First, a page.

I went "undercover" once with a European television producer to the workshop of a taxidermist-cum-trophy hunter on Vancouver Island. The producer and I had just spent a couple of days watching grizzly bears on British Columbia's central coast. With my baseball cap pulled down low, I entered the taxidermy workshop. I was there to observe a somewhat arcane aspect of the trophy hunting world.
As the taxidermist opened the door, a chemical smell came wafting outside; it was reminiscent of the embalming fluids used by morticians. The first thing I saw looking past him was a black bear mounted on a platform of river rock. The black bear was on all fours in a contrived stance that suggested it was about to take a step forward. On the bear’s right, near the front of the platform was a mounted river otter. The taxidermist explained it was for a client in Texas.
The producer appeared a bit taken aback, but she was game and so began directing a steady stream of questions at the taxidermist. While they engaged in the interview, I wandered off to take a look at the two grizzly bears "in progress" on the other side of the room.
The two bears were positioned side by each, rearing up on their hind legs, replete with the clichéd baring of teeth that is meant to show menace. Upon closer inspection I could still see the bullet holes.
As I rejoined the living, the taxidermist was relating how he had just bagged his first grizzly on a recent hunting trip to a coastal area located within the Great Bear Rainforest. He spoke of how he had looked the bear in the eyes before killing it. I thought about all the times I had observed large carnivores in the wild, often close enough to see that fire in their eyes, as the father of wildlife ecology Aldo Leopold described it. Zoologist James Karr has characterized it as the fire peculiar to living things.
We moved into the taxidermist’s showroom, which was full of finished products. It seemed to contain virtually every species that is allowed to be hunted in coastal B.C. As far as I could tell, there was a full compliment of top predators, with the exception of wolverines. There was also a stack of black bear hides that looked a couple of feet high.
We finally bid the taxidermist farewell and drove to the local airport. The producer and I sat silently in the embarking area and pondered the last 72 hours we had just spent with bears, both alive and dead.
That the province continues to permit grizzly bears—especially coastal grizzlies, which are often sitting targets—to be shot and killed for sport in our parks and protected areas is not only anachronistic from a wildlife management perspective, but it is ethically lamentable as well.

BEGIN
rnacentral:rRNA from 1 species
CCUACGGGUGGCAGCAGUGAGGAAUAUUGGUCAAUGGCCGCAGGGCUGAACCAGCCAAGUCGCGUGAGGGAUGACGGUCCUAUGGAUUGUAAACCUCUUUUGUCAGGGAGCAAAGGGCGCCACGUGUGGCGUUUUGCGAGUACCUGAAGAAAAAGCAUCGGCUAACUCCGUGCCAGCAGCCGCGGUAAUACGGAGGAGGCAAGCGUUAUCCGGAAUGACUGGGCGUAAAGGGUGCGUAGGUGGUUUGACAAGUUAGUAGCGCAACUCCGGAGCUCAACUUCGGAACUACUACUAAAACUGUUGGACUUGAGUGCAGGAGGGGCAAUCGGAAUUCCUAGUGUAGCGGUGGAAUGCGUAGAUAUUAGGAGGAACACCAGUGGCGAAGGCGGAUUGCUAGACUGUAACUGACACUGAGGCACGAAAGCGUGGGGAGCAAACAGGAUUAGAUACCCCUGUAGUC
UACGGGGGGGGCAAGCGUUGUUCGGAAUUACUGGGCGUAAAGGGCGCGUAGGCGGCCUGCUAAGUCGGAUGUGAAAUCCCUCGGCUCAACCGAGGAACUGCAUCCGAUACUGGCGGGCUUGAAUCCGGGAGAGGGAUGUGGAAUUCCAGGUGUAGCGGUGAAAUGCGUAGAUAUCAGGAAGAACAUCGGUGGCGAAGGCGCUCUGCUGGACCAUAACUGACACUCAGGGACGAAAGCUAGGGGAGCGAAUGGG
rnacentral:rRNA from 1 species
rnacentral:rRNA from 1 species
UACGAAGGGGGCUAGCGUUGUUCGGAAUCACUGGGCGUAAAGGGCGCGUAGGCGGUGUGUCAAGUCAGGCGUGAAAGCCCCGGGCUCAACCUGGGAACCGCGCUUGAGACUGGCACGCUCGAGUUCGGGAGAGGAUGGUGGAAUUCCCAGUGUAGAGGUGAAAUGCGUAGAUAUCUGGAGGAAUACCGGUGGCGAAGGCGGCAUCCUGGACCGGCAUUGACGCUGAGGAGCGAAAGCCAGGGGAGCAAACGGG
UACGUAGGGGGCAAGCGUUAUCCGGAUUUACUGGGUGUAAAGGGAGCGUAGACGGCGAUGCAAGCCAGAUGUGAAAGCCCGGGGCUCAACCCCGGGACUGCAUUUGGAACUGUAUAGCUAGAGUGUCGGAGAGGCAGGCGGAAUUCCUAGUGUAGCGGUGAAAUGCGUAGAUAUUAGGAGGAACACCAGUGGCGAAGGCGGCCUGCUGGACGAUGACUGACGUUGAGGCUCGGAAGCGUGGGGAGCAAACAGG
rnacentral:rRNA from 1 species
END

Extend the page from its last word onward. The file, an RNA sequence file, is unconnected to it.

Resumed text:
The reality is that you can kill coastal bears quickly via trophy hunting or kill them slowly by denying them their life requisites through destruction of their habitat and overexploitation of the salmon on which they depend. Sadly, one can only expect the situation for bears to deteriorate further as industrial activities intensified by climate disruption devastate more forests and salmon stocks.
Ironically, the grizzly, a species once regarded as a threat to our survival, is turning out to be a test of how likely we are to achieve sustainability of the elements that also sustain us—forests and salmon.
The Great Bear Almanac by Gary Brown, one of the seminal reference books on grizzly bears, states, “bears are highly intelligent and individualistic”¦and are capable of nearly as many responses in a given circumstance as a human. Some biologists believe the highly adaptable brown bear is intelligent enough to be ranked with primates.”
What does it say about us, as the human species, that we have been unable to peacefully co-exist with this magnificent and powerful animal? Why can't we find a way to accommodate both our needs and those of the "great bear"?
Recreational hunters, governments, and conservationists will likely continue to argue about the status of bears, but what matters most in the grizzly hunting debate is that killing these magnificent animals for sport, trophy, and profit has no place in today's society. Poll after poll has shown that most British Columbians agree, but the will of the people will be ignored once again as the spring coastal grizzly hunt resumes on April 1.
Chris Genovali is the executive director of Raincoast Conservation. For more information visit www.raincoast.org.